Friday, November 25, 2011

JOHN CHUCKMAN REVIEW OF JUDYTH VARY BAKER'S ME AND LEE


I simply cannot believe some of the reviews I see for this book on Amazon.com praising it as genuine, authentic, and heartwarming stuff about Lee Oswald, but I know that it has become a widespread abusive practice for friends, colleagues, and business associates, early on, to lard up the review section for any book with five-star praise, making it difficult for readers to find genuine reviews.

If there were an award for the most incomprehensible, confusing book ever written about the Kennedy assassination, Ms. Baker's book would surely be a serious contender.

Here you will find a unique blend of how I spent my teen years, the cheesy 1950s television series "I Led Three Lives," Laurel and Hardy playing spies, and a bodice-ripper from Harlequin Romance books. It is an indigestible mass out of which emerges absolutely zero insight into the personality of Oswald or into the background of the assassination.

The first hundred pages or so of this book have nothing whatever to do with Lee Oswald or the assassination, covering as they do the early life of Ms. Baker, especially her teenage years. Ms. Baker or whoever it is who wrote this material tries impressing the reader with her early brilliance, and it does seem she was a gifted young woman.

Her early school science projects and the recognition she gained for her work with mice and cancer cells are matters of which she is deservingly proud, but about a hundred pages of it in a book on an entirely different subject? A single slim chapter or introduction would have established her bone fides as a competent researcher.

One assumes that here the publisher was attempting to establish her as a truly worthy witness, intelligent and scientific-minded. The only trouble with that is that once we are into the matter for which people are reading the book, all pretense of science and logic evaporates.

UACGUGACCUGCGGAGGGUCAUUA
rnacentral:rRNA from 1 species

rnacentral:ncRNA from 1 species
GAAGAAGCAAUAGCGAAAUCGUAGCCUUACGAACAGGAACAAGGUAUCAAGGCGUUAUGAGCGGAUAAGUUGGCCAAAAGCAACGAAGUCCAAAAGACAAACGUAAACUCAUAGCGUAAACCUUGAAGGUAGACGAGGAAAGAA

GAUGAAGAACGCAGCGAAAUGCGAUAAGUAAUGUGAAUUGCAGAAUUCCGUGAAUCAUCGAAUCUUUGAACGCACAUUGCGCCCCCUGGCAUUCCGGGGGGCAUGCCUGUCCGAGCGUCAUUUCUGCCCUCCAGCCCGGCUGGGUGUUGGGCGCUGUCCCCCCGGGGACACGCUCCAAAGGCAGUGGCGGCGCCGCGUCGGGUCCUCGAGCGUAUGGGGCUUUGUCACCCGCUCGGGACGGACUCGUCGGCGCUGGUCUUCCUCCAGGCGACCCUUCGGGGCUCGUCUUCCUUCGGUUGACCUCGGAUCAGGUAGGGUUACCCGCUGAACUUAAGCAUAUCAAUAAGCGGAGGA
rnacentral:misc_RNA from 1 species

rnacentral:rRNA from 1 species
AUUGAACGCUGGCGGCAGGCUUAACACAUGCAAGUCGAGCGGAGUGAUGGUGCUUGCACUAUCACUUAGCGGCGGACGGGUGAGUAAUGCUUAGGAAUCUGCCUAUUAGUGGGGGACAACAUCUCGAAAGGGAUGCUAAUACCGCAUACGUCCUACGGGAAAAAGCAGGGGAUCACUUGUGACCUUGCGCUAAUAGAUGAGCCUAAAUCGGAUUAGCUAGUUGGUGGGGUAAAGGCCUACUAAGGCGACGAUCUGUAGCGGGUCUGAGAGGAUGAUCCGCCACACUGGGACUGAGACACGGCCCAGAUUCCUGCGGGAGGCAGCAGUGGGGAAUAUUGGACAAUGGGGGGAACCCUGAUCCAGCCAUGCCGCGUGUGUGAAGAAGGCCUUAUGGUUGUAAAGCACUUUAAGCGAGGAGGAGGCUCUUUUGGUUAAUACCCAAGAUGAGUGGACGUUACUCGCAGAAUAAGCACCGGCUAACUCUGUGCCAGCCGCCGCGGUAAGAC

I note also a rather cheap publisher's trick used here. Ms. Baker's story of her remarkable youth is documented with dozens of cuttings and documents, making it unmistakable that she is telling us a true story. But when we get to New Orleans and Oswald, these insertions become mostly completely generic and lacking in any connection with her, things like backgrounders on certain people or newspaper photos of places in New Orleans.

When Ms. Baker comes finally to New Orleans and Lee Oswald, I gasped at the idea that now she might offer some insights, but the truth is that there is nothing about her words that convinces the reader that she and Oswald were even acquainted, let alone intimate friends. I don't say they were not, but the author's words lack substance and indeed descent into a kind of logic-lacking fog differing considerably from the unnecessarily long but at least fairly lucid first hundred pages.

The confusions are too many to go into, and when reviewing a ghastly book one hesitates spending too much effort after the unpleasant realization you have wasted time and energy reading it.

Ms. Baker in the course of endless back-and-forths on streetcars, day and night, going to bizarre boarding houses, bizarre offices, and bizarre entertainments with Oswald manages, in a book supposedly telling us what Oswald really was like and written to support his supposed views, to plant every unproved accusation about Oswald you can find in the various hack books attacking him.

He was, according to her, a crack shot, demonstrating his prowess to her with an air rifle at an amusement park. He loved guns and weapons, taking her to a small arsenal in the Bannister agency's building and selecting a pistol, and wanting to take her for fun shooting birds. He was violent towards his wife, confirming never-proved assertions of an unbalanced Marina Oswald. He ran errands for Marcello mob interests, including a rather well known scene where a witness in the assassination literature says he saw Oswald taking a wad of money under the table from the man running the Town and Country Motel (some researchers suggesting another individual, a criminal, who slightly resembled Oswald as the person in the incident if it even happened). In Ms. Baker's version, she is there right next to Oswald, keeping her face demurely down and seeing the money being passed under the table.